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5 December 2013 11:26 am ,
Vol. 342 ,
At age 30, Dutch biologist Freek Vonk has built up a respectable career as a snake scientist. But in his home country,...
Since arriving on the island of Guam in the 1940s, the brown tree snake ( Boiga irregularis ) has extirpated native...
An animal rights group known as the Nonhuman Rights Project filed lawsuits in three New York courts this week in an...
Researchers have been hot on the trail of the elusive Denisovans, a type of ancient human known only by their DNA and...
Thousands of scientists in the Russian Academy of Sciences (RAS) are about to lose their jobs as a result of the...
Dyslexia, a learning disability that hinders reading, hasn't been associated with deficits in vision, hearing, or...
Exotic, elusive, and dangerous, snakes have fascinated humankind for millennia. They can be hard to find, yet their...
Researchers have sequenced and analyzed the first two snake genomes, which represent two evolutionary extremes. The...
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AIAA Suspends Ban on Embargoed Nations
23 June 2005 (All day)
The American Institute of Aeronautics and Astronautics (AIAA) has temporarily suspended its ban on papers from countries under a U.S. trade embargo. The institute will make a final decision about the policy after its next board meeting on 1 September.
AIAA instituted the ban last month after its board of directors resolved that publishing papers submitted to AIAA journals or AIAA-sponsored conferences by authors from Iran, Cuba, North Korea, and Sudan would be inconsistent with the U.S. government's embargo policies against those countries (ScienceNOW, 15 June). Other scientific societies were surprised by the decision because it seems to fly in the face of a December 2004 ruling by the U.S. government that journals were free to edit and publish submissions from embargoed nations.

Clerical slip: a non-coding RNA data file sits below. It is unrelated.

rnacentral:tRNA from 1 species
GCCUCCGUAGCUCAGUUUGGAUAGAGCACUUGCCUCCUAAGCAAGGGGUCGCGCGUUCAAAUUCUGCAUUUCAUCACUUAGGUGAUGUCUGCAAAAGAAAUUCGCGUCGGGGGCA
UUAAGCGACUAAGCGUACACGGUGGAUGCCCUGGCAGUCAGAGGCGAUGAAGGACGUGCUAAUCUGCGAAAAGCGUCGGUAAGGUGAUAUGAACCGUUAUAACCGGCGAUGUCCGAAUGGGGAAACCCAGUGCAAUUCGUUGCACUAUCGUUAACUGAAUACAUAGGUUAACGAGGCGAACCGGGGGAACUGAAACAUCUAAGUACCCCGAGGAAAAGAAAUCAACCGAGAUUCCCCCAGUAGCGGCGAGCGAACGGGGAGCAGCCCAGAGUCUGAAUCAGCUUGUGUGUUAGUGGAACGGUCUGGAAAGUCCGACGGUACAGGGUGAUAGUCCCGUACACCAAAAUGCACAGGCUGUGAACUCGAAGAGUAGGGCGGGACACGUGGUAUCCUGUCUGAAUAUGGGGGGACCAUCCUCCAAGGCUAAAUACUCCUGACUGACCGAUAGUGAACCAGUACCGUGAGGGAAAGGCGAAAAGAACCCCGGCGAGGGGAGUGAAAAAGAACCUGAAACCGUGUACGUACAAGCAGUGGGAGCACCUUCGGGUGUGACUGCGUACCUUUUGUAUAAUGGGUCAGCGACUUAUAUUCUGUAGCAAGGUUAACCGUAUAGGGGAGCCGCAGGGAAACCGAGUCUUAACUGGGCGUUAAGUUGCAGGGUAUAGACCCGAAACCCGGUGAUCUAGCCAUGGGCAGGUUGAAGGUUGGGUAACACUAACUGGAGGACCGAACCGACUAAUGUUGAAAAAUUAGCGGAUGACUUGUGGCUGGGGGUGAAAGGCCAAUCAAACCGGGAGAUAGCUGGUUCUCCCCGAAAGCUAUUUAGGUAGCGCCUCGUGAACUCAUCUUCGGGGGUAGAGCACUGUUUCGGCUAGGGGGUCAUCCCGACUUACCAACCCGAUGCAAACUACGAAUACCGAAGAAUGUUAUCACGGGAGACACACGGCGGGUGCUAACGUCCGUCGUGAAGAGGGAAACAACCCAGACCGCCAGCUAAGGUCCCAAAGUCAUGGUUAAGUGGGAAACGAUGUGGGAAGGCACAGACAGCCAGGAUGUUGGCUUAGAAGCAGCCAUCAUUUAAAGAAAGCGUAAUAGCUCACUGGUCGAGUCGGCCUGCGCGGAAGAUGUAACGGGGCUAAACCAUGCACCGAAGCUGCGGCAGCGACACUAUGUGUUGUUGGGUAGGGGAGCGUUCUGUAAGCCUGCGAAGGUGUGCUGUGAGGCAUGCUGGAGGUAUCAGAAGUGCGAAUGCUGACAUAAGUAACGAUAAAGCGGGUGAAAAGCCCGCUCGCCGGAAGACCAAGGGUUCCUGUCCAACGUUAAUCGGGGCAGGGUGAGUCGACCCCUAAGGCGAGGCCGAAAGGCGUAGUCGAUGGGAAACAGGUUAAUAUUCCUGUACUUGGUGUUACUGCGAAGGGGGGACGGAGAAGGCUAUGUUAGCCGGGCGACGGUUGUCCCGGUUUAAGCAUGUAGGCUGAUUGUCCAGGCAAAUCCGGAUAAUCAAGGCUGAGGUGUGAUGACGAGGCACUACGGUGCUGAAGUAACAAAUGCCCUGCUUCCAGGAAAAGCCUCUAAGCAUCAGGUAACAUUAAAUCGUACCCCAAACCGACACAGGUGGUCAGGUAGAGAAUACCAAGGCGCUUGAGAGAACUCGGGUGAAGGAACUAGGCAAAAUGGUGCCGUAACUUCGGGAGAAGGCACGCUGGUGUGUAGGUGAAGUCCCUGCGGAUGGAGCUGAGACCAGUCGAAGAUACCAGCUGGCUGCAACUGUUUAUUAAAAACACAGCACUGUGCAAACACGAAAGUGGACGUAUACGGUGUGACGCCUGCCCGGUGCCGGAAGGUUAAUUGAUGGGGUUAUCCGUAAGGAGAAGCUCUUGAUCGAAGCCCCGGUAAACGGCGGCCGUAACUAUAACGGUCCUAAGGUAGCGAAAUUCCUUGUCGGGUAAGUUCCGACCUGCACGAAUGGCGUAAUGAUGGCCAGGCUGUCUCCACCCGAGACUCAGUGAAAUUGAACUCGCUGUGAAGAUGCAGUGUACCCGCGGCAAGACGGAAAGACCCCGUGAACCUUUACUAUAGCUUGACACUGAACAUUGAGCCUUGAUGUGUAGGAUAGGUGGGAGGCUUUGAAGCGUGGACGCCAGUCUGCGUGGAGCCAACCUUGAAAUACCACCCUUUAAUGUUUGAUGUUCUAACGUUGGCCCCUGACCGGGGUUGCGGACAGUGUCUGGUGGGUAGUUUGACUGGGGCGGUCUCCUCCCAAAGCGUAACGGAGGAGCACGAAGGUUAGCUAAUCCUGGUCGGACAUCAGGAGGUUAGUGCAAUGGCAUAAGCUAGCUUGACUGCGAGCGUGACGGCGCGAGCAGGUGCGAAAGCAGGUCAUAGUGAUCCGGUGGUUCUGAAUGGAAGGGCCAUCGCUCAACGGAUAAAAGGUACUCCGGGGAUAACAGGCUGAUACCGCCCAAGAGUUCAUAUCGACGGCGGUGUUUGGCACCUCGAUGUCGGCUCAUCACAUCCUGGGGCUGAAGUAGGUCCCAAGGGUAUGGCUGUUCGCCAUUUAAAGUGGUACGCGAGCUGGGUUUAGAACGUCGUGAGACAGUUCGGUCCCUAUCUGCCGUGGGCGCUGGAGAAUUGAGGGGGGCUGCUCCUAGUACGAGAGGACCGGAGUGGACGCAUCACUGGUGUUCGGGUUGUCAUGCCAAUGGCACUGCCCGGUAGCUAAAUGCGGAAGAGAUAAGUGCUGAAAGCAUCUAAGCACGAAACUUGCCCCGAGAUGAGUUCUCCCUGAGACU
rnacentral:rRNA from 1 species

The suspension of the ban, announced yesterday on AIAA's Web site, means that the institute's journals will resume publishing papers from anywhere. The two dozen Iranian-authored manuscripts that were pulled by AIAA will be reinstated. The reprieve follows a vote by the board to review the ban in light of concerns expressed by many AIAA members.
The Sharif University of Technology Association (SUTA), an Iranian organization that campaigned against the ban, welcomed the announcement but expressed disappointment that the board had not revoked the ban permanently. "We think this is probably a face saving strategy, not to accept that they made a mistake," SUTA President Fredun Hojabri told Science in an e-mail. Board member David Jensen, a civil engineer at Brigham Young University in Provo, Utah, says his colleagues wanted more time to ponder how best to align the 30,000-member organization's publications policy with the security interests of the United States. "I believe providing technical feedback to authors in embargoed countries is a violation of the U.S. government's policies," he says. "The ideal solution is for these countries to stop threatening the United States and other free countries, so that we can go back to an open exchange."
Masoud Darbandi, an aerospace engineer at Sharif University of Technology in Tehran, whose paper on high-temperature irradiance was re-accepted by the Journal of Thermophysics and Heat Transfer after the ban was suspended, sees the issue differently. The society should not "mix political issues with academic affairs," he says. "Iranian researchers want to contribute to knowledge just as researchers anywhere else."